Of the many types of services we evaluate, computer repair shops are among
the lowest rated. On our Ratings Tables, you will see a number of shops
that are rated "superior" or even "adequate" by fewer than 70 percent of
the customers we surveyed. That means that they were rated "inferior" by
30 percent or more.
You will also see that there is big price variation, with some shops charging
prices that are more than twice as high as the prices charged by nearby
If your computer needs repairs, shopping for price is difficult because
many shops will charge $70 or more to give you a diagnosis and estimate.
But if you are looking for an upgrade—for instance, a new hard drive or
additional memory—or if you know what repair you need, you will be able
to shop by phone. You will find substantial price differences. For instance,
we found prices ranging from $115 to $249 to add three gigabytes of memory
to a MacBook laptop.
To get the best repairs at the best price, you will need to deal carefully
with whichever shop you use—
Give the shop a thorough written description of the symptoms prompting
a repair visit.
Insist on a written estimate before repairs can proceed.
Consider whether repairs are really worth making—or whether it is time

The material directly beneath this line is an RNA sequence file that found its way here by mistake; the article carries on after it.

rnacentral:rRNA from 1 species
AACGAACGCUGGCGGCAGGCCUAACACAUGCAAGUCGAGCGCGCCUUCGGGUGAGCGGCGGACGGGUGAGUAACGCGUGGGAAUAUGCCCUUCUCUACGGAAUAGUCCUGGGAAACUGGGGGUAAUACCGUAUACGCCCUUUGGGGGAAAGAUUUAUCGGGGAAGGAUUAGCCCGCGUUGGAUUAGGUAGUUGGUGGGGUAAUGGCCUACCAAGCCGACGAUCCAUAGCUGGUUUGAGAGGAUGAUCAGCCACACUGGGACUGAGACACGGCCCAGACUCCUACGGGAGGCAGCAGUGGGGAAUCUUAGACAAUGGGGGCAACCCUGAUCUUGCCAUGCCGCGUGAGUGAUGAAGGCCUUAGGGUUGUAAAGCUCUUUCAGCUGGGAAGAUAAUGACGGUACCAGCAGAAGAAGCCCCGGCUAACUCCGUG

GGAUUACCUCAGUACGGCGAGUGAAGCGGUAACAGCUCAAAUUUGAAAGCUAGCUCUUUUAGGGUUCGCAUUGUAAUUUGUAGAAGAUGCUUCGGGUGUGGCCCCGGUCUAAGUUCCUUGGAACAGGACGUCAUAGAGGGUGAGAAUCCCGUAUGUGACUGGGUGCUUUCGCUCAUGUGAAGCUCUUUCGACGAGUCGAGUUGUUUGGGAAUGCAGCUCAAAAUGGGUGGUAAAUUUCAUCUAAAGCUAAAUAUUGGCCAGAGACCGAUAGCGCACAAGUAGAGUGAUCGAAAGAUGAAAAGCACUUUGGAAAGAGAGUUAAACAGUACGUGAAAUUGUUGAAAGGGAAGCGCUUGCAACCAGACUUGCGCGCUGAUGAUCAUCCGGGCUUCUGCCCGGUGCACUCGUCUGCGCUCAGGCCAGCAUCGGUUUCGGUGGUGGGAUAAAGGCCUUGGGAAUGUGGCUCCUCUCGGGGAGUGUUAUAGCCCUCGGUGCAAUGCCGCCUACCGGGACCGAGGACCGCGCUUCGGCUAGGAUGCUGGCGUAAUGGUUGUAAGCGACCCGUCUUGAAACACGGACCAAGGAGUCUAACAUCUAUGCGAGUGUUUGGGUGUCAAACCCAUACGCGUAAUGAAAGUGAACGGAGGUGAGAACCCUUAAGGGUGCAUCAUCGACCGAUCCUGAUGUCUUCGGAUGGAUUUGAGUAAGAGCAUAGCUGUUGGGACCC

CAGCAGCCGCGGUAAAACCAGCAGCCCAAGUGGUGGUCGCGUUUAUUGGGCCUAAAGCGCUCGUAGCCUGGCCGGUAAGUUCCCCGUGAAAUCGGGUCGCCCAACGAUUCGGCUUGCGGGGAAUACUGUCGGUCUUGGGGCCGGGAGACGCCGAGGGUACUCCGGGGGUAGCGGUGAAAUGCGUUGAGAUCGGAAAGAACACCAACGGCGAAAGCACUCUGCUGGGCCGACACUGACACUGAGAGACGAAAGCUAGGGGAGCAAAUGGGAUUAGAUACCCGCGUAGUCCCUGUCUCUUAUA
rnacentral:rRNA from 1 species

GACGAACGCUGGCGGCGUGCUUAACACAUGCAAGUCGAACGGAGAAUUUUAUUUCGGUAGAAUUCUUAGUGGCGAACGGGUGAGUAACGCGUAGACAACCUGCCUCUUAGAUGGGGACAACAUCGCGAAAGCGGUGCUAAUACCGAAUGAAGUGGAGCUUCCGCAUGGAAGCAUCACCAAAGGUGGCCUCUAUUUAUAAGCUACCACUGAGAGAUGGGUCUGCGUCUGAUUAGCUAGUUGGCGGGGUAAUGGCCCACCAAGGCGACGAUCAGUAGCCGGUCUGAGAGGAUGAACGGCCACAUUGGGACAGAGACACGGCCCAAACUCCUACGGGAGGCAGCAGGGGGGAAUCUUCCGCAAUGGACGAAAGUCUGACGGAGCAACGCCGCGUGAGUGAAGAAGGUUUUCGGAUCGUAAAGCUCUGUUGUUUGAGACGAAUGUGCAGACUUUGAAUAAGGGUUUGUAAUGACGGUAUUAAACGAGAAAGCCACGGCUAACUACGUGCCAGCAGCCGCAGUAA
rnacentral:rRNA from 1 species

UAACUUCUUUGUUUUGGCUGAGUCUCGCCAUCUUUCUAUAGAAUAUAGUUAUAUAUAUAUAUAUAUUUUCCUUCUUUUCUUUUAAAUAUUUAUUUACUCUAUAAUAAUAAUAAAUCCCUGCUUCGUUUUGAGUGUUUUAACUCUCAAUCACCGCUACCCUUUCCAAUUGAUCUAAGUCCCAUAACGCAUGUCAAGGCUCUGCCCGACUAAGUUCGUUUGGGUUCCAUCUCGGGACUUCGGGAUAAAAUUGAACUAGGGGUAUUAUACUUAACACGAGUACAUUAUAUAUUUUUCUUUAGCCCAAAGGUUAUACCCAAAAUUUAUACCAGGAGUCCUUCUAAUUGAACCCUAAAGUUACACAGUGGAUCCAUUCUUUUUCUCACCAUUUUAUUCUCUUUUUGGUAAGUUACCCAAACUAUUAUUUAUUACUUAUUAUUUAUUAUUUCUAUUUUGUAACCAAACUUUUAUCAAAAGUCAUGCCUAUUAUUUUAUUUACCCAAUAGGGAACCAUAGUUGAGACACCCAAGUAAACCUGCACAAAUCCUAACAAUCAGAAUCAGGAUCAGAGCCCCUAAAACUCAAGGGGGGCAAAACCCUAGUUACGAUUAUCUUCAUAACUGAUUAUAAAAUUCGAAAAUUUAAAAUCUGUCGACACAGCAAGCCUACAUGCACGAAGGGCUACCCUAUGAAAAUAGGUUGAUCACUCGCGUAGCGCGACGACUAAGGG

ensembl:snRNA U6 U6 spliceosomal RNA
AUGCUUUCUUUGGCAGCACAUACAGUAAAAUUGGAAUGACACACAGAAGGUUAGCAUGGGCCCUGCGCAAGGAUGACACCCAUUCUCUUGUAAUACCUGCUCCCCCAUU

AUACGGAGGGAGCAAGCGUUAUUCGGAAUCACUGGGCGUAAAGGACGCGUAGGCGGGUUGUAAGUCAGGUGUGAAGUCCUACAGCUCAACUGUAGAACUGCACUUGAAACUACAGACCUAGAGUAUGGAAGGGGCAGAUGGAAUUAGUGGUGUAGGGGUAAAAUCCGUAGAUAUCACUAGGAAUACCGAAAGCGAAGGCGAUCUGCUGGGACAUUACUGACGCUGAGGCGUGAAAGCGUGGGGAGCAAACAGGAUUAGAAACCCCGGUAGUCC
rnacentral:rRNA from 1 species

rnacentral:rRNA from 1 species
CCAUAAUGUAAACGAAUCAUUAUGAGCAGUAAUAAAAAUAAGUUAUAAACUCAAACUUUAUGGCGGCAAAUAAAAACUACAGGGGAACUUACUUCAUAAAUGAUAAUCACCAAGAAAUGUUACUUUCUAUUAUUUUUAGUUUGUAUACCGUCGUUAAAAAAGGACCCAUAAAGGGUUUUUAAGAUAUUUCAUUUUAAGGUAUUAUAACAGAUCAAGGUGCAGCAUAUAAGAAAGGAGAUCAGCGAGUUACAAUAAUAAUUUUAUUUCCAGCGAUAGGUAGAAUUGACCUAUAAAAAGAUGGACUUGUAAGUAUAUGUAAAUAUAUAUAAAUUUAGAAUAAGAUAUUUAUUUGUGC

to move on to a new model.
Before paying, get a detailed invoice, including a description of the components
repaired, the date, a breakdown for labor and the price for each part,
and the warranty.
Test equipment as soon as you get it home and return it to the shop or
notify the shop in writing right away if it is still not working right.
There is that feeling in the pit of your stomach. When you've rebooted
multiple times. Fiddled with the power cords. Called tech support. Threatened
and cursed. And still your computer won't respond and come back to life.
You need help.
After all, it's just your entire life on that computer...and you're pretty
sure you backed it up fairly recently, but...
Fortunately, there are computer repair businesses in the area that might
be able to get you up and running again. To assist you in finding one that
does quality work at reasonable prices, we've evaluated area outfits. Our
Ratings Tables show the results.
With most of these shops, customers ordinarily bring or ship their computers
to the shops. But some may offer the option of coming to your home. In
addition, there are companies that only come to customers' homes. Some
of these in-home services can be found under the "Computer Help—In-Home
Assistance" category in the "Neighbor-to-Neighbor" section of our website.
(We set up our Neighbor-to-Neighbor area as an informal exchange where
subscribers can post ratings and comments—and read other subscribers' comments—for
services we haven't yet covered in our full ratings articles.)
Some of the shops listed on our Ratings Tables get very high ratings,
but there are also several you'll want to avoid. In fact, of the many types
of services we evaluate, computer repair shops are among those with the
highest frequencies of strongly dissatisfied customers.
We surveyed CHECKBOOK and Consumer Reports subscribers and asked them to
rate shops on several different aspects of service. Our Ratings Tables
show the results for shops for which we received at least 10 ratings. (For